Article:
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Title: Revenge (original title: 寡黙な死骸 みだらな弔い)

Writer: Yoko Ogawa (tr. by Stephen Snyder)

Publishing House: Vintage

Date of Publication:  January 2nd 2014 (first published 1998)

Rating: 5 stars

‘’Why was everyone dying? They had all been so alive just yesterday.’’

Yoko Ogawa creates a dark wonder of sadness, loneliness and unsettling desires in Revenge, a collection of eleven seemingly disconnected stories. However, as is always the case with Ogawa’s work, nothing is as it seems and the tales are written in a ‘’ matryoshka’’ style. Each story is connected to the previous one via a characteristic feature. You will discover the clues as you go along the way, as pain, oblivion and death are standing by, watching you.

What makes Revenge stand out is the seamless way in which brief scenes of daily life, vivid and sharp and tender and melancholic are intertwined with the strange themes of the stories. Paragraphs like these invite you in Ogawa’s world. 

‘’Families and tourists strolled through the square, enjoying the weekend. Squeaky sounds could be heard from a man off in the corner, who was twisting balloon animals. A circle of children watched him, entranced. Nearby, a woman sat on a bench knitting. Somewhere a horn sounded. A flock of pigeons burst into the air, and startled a baby who began to cry. The mother hurried over to gather the child in her arms.’’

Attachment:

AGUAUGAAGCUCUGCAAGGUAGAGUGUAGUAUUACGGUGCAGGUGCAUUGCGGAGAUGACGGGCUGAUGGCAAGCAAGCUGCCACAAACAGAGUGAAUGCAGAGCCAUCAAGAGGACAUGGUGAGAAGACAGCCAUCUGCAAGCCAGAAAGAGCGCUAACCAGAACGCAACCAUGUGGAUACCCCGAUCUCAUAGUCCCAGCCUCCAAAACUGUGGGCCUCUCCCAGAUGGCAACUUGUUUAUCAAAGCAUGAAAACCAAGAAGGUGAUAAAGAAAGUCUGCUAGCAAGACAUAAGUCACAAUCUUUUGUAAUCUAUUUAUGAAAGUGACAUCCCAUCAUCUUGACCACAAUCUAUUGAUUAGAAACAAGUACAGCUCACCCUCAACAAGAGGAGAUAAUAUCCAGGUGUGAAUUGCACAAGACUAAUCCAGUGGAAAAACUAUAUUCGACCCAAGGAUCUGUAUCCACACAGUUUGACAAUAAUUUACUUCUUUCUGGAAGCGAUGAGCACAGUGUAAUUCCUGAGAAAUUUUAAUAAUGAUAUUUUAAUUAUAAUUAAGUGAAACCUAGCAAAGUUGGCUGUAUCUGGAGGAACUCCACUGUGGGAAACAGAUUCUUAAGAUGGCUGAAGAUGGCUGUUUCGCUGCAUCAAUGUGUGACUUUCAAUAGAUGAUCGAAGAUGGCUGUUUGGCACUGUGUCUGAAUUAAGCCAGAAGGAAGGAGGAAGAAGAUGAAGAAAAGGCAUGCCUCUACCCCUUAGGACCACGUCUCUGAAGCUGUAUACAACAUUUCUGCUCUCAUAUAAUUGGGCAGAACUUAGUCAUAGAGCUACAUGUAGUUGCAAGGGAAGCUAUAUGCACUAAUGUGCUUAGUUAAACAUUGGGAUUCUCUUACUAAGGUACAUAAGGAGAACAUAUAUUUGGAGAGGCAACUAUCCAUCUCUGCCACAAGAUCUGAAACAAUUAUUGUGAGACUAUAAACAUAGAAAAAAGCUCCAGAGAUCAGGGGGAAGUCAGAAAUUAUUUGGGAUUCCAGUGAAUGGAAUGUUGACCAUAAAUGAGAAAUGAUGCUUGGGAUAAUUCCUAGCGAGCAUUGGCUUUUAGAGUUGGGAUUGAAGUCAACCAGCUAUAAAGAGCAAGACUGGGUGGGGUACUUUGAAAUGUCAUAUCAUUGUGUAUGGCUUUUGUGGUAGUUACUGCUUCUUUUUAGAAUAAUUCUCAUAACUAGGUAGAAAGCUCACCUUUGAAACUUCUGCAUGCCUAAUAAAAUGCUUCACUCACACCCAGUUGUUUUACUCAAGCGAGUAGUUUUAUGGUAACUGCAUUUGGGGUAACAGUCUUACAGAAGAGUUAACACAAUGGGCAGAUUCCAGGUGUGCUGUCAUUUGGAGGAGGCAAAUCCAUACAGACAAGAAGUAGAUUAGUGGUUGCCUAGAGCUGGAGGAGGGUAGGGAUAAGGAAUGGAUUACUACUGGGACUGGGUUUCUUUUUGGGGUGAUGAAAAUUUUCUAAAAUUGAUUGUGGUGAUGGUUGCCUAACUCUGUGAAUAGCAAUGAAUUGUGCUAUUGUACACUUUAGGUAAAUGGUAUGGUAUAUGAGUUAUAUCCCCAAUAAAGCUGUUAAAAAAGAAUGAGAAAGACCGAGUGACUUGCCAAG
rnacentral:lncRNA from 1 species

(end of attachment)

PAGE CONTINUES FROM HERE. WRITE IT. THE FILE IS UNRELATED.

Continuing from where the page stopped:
‘’Where had it all come from? Outside, the world lay under a blanket of white, just as my uncle had said. The air was still, and large snowflakes drifted out of the night sky. The street was empty, and the car that had been lurking near the entrance had disappeared. I walked gingerly over the unmarked snow. When I turned to look back, the window was dark.’’

Afternoon in the Bakery: A woman buys a strawberry cake every year for her son’s birthday. But the boy died twelve years ago…

Fruit Juice: A young woman tries to reconcile with her estranged father, with the help of a classmate.

Old Mrs J: The haunting story of a writer and an old lady who is very fond of kiwis. And strangely-shaped carrots.

The Little Dustman: A man is stuck in the metro due to technical issues, as he tries to be on time for her step-mother’s funeral. A tale of family, tigers and Brahms.

Lab Coats: Two young women work in the morgue. Their job requires them to empty the pockets of the lab coats of the deceased.

Sewing for the Heart: A young woman has a strange order for a bag maker. She needs a special bag for her heart.

Welcome to the Museum of Torture: A young woman is fascinated by the Museum of Torture. Perhaps, too fascinated…

The Man Who Sold Braces: A young man reminiscences of his uncle, a strange man hiding a few dark secrets.

The Last Hour of the Bengal Tiger: The haunting tale of a dying tiger.

Tomatoes and the Full Moon: A moving story of a strange woman and bitter memories. And what is the link between the full moon and tomatoes?

Poison Plants: The saddest story in the collection. A woman who has been fighting a chronic illness befriends a young man who becomes her sole support. But will it last?

It’s Yoko Ogawa. Just read it.

‘’Everyone I know has died. My past is full of ghosts.’’


  1. This was the first Ogawa that I read and I’ve since read all her work that’s been translated. This remains my favourite.

    Liked by 1 person

  2. Fatma says:

    this is such a good collection!! i read it last year and the stories were so haunting, they really stuck with me, even a year ona

    Liked by 1 person

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